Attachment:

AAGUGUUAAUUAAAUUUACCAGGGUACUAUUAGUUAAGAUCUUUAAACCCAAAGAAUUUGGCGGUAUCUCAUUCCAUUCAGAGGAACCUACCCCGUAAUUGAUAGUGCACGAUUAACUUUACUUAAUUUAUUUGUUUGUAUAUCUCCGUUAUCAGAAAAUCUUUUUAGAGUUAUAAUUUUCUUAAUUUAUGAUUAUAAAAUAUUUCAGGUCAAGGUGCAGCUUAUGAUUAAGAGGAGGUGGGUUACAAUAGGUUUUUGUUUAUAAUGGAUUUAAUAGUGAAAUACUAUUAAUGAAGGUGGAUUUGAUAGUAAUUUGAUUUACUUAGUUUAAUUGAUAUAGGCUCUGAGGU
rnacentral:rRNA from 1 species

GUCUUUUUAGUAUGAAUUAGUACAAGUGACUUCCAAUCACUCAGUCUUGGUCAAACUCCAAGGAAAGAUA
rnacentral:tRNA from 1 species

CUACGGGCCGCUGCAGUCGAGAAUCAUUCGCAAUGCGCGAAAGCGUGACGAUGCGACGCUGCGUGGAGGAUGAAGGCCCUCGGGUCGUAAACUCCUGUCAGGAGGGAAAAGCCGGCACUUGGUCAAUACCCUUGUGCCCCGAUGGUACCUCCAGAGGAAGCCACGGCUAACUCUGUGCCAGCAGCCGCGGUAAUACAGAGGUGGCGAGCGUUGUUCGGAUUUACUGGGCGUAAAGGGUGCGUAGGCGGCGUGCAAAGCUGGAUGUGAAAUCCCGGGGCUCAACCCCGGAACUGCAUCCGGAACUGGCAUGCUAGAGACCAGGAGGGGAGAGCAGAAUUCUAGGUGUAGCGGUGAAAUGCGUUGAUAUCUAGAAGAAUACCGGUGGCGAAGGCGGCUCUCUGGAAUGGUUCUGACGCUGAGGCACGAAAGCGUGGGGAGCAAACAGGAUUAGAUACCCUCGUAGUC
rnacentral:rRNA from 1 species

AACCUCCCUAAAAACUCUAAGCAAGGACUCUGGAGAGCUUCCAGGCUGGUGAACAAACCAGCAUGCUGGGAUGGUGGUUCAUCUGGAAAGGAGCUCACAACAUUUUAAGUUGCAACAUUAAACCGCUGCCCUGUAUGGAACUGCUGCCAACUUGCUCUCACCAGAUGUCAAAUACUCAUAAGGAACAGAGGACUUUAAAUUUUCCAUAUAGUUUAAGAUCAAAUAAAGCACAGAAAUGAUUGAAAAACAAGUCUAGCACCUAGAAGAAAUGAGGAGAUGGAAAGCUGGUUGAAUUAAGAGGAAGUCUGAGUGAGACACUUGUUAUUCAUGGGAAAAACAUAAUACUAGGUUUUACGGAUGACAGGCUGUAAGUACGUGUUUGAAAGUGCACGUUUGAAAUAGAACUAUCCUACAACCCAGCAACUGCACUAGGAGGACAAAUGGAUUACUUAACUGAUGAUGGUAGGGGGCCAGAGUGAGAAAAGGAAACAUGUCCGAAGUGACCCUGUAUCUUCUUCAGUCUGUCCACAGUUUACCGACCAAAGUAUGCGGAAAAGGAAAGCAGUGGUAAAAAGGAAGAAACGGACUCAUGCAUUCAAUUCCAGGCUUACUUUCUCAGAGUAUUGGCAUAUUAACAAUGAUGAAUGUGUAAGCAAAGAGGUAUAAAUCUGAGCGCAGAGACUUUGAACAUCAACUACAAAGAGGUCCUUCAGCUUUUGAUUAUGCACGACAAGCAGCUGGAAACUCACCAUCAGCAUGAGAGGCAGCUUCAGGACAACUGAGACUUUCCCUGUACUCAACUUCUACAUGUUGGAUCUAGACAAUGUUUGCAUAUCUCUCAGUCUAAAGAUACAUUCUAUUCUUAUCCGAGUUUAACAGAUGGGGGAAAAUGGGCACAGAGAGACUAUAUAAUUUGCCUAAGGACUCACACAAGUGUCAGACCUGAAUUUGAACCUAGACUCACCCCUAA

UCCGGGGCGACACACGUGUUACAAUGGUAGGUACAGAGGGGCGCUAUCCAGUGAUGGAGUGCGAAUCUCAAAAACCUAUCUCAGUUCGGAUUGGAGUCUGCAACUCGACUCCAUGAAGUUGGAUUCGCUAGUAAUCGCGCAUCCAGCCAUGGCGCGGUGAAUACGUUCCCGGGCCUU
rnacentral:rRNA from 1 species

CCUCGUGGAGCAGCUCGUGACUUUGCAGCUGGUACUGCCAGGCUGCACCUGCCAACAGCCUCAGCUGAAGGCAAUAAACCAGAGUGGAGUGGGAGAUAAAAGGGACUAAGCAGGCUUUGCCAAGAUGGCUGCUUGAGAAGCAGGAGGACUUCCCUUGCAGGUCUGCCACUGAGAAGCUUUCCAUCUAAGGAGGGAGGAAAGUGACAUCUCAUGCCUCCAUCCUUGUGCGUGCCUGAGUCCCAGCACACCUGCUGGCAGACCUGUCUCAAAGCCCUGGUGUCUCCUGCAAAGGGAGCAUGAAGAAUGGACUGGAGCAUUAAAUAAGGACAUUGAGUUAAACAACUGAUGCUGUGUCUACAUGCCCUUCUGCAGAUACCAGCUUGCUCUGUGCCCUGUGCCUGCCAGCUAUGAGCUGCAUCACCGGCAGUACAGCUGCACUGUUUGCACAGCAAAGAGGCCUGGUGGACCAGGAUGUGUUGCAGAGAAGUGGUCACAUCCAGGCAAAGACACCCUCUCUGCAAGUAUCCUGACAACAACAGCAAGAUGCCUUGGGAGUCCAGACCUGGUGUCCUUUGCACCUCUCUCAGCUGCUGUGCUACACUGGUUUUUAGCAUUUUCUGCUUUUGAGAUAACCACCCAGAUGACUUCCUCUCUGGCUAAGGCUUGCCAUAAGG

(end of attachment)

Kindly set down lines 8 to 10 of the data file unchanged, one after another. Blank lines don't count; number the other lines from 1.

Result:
UCCGGGGCGACACACGUGUUACAAUGGUAGGUACAGAGGGGCGCUAUCCAGUGAUGGAGUGCGAAUCUCAAAAACCUAUCUCAGUUCGGAUUGGAGUCUGCAACUCGACUCCAUGAAGUUGGAUUCGCUAGUAAUCGCGCAUCCAGCCAUGGCGCGGUGAAUACGUUCCCGGGCCUU
rnacentral:rRNA from 1 species

CCUCGUGGAGCAGCUCGUGACUUUGCAGCUGGUACUGCCAGGCUGCACCUGCCAACAGCCUCAGCUGAAGGCAAUAAACCAGAGUGGAGUGGGAGAUAAAAGGGACUAAGCAGGCUUUGCCAAGAUGGCUGCUUGAGAAGCAGGAGGACUUCCCUUGCAGGUCUGCCACUGAGAAGCUUUCCAUCUAAGGAGGGAGGAAAGUGACAUCUCAUGCCUCCAUCCUUGUGCGUGCCUGAGUCCCAGCACACCUGCUGGCAGACCUGUCUCAAAGCCCUGGUGUCUCCUGCAAAGGGAGCAUGAAGAAUGGACUGGAGCAUUAAAUAAGGACAUUGAGUUAAACAACUGAUGCUGUGUCUACAUGCCCUUCUGCAGAUACCAGCUUGCUCUGUGCCCUGUGCCUGCCAGCUAUGAGCUGCAUCACCGGCAGUACAGCUGCACUGUUUGCACAGCAAAGAGGCCUGGUGGACCAGGAUGUGUUGCAGAGAAGUGGUCACAUCCAGGCAAAGACACCCUCUCUGCAAGUAUCCUGACAACAACAGCAAGAUGCCUUGGGAGUCCAGACCUGGUGUCCUUUGCACCUCUCUCAGCUGCUGUGCUACACUGGUUUUUAGCAUUUUCUGCUUUUGAGAUAACCACCCAGAUGACUUCCUCUCUGGCUAAGGCUUGCCAUAAGG